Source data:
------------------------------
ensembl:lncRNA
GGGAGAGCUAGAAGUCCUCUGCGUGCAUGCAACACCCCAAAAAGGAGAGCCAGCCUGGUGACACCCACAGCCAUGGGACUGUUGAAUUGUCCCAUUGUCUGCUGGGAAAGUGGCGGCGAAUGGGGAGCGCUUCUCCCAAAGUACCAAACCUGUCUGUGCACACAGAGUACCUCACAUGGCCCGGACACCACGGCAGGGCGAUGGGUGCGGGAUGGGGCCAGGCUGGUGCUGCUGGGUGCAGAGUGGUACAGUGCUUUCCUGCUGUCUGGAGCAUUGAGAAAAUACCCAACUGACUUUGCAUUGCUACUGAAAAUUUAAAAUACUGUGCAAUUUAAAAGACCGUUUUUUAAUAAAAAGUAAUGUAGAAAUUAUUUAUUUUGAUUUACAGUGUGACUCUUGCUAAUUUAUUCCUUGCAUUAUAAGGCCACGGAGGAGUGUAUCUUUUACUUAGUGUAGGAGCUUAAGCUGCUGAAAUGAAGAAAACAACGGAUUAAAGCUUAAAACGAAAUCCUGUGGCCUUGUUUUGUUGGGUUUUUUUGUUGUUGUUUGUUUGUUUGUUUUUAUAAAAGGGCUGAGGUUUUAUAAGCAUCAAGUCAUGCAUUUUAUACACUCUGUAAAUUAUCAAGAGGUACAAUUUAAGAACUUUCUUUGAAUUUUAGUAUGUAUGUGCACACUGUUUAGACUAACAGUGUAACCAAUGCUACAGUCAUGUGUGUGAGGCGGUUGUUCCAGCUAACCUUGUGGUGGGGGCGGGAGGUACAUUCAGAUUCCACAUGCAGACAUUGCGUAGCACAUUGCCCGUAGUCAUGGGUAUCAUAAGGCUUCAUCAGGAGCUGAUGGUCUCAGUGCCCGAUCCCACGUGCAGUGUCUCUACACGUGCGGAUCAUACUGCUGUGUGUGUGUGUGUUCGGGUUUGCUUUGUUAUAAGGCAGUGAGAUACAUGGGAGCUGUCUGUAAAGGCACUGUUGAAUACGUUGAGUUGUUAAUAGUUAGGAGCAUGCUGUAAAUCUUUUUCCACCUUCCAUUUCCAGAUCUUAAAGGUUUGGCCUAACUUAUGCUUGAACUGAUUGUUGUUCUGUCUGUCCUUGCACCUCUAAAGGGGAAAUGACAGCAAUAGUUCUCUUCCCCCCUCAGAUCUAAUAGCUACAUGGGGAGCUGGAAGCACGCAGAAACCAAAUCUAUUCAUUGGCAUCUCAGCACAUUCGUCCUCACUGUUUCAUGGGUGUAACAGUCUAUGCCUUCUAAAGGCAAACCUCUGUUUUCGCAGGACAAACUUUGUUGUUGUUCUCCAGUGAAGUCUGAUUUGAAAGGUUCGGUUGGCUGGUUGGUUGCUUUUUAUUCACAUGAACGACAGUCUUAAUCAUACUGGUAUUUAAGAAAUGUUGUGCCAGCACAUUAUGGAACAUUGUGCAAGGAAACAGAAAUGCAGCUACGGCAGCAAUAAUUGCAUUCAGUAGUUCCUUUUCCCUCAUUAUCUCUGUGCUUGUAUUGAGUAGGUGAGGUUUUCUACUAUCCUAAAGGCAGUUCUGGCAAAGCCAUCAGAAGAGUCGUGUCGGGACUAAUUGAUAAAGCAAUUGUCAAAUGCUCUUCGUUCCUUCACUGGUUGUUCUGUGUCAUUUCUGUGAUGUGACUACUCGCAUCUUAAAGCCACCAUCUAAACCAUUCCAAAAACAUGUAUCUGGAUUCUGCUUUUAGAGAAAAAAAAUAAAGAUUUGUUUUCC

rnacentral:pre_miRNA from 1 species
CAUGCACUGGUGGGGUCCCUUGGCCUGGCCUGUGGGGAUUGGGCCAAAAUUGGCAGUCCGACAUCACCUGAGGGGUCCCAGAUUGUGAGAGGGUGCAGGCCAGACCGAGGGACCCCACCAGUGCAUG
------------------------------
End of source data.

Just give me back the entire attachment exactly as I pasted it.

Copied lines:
ensembl:lncRNA
GGGAGAGCUAGAAGUCCUCUGCGUGCAUGCAACACCCCAAAAAGGAGAGCCAGCCUGGUGACACCCACAGCCAUGGGACUGUUGAAUUGUCCCAUUGUCUGCUGGGAAAGUGGCGGCGAAUGGGGAGCGCUUCUCCCAAAGUACCAAACCUGUCUGUGCACACAGAGUACCUCACAUGGCCCGGACACCACGGCAGGGCGAUGGGUGCGGGAUGGGGCCAGGCUGGUGCUGCUGGGUGCAGAGUGGUACAGUGCUUUCCUGCUGUCUGGAGCAUUGAGAAAAUACCCAACUGACUUUGCAUUGCUACUGAAAAUUUAAAAUACUGUGCAAUUUAAAAGACCGUUUUUUAAUAAAAAGUAAUGUAGAAAUUAUUUAUUUUGAUUUACAGUGUGACUCUUGCUAAUUUAUUCCUUGCAUUAUAAGGCCACGGAGGAGUGUAUCUUUUACUUAGUGUAGGAGCUUAAGCUGCUGAAAUGAAGAAAACAACGGAUUAAAGCUUAAAACGAAAUCCUGUGGCCUUGUUUUGUUGGGUUUUUUUGUUGUUGUUUGUUUGUUUGUUUUUAUAAAAGGGCUGAGGUUUUAUAAGCAUCAAGUCAUGCAUUUUAUACACUCUGUAAAUUAUCAAGAGGUACAAUUUAAGAACUUUCUUUGAAUUUUAGUAUGUAUGUGCACACUGUUUAGACUAACAGUGUAACCAAUGCUACAGUCAUGUGUGUGAGGCGGUUGUUCCAGCUAACCUUGUGGUGGGGGCGGGAGGUACAUUCAGAUUCCACAUGCAGACAUUGCGUAGCACAUUGCCCGUAGUCAUGGGUAUCAUAAGGCUUCAUCAGGAGCUGAUGGUCUCAGUGCCCGAUCCCACGUGCAGUGUCUCUACACGUGCGGAUCAUACUGCUGUGUGUGUGUGUGUUCGGGUUUGCUUUGUUAUAAGGCAGUGAGAUACAUGGGAGCUGUCUGUAAAGGCACUGUUGAAUACGUUGAGUUGUUAAUAGUUAGGAGCAUGCUGUAAAUCUUUUUCCACCUUCCAUUUCCAGAUCUUAAAGGUUUGGCCUAACUUAUGCUUGAACUGAUUGUUGUUCUGUCUGUCCUUGCACCUCUAAAGGGGAAAUGACAGCAAUAGUUCUCUUCCCCCCUCAGAUCUAAUAGCUACAUGGGGAGCUGGAAGCACGCAGAAACCAAAUCUAUUCAUUGGCAUCUCAGCACAUUCGUCCUCACUGUUUCAUGGGUGUAACAGUCUAUGCCUUCUAAAGGCAAACCUCUGUUUUCGCAGGACAAACUUUGUUGUUGUUCUCCAGUGAAGUCUGAUUUGAAAGGUUCGGUUGGCUGGUUGGUUGCUUUUUAUUCACAUGAACGACAGUCUUAAUCAUACUGGUAUUUAAGAAAUGUUGUGCCAGCACAUUAUGGAACAUUGUGCAAGGAAACAGAAAUGCAGCUACGGCAGCAAUAAUUGCAUUCAGUAGUUCCUUUUCCCUCAUUAUCUCUGUGCUUGUAUUGAGUAGGUGAGGUUUUCUACUAUCCUAAAGGCAGUUCUGGCAAAGCCAUCAGAAGAGUCGUGUCGGGACUAAUUGAUAAAGCAAUUGUCAAAUGCUCUUCGUUCCUUCACUGGUUGUUCUGUGUCAUUUCUGUGAUGUGACUACUCGCAUCUUAAAGCCACCAUCUAAACCAUUCCAAAAACAUGUAUCUGGAUUCUGCUUUUAGAGAAAAAAAAUAAAGAUUUGUUUUCC

rnacentral:pre_miRNA from 1 species
CAUGCACUGGUGGGGUCCCUUGGCCUGGCCUGUGGGGAUUGGGCCAAAAUUGGCAGUCCGACAUCACCUGAGGGGUCCCAGAUUGUGAGAGGGUGCAGGCCAGACCGAGGGACCCCACCAGUGCAUG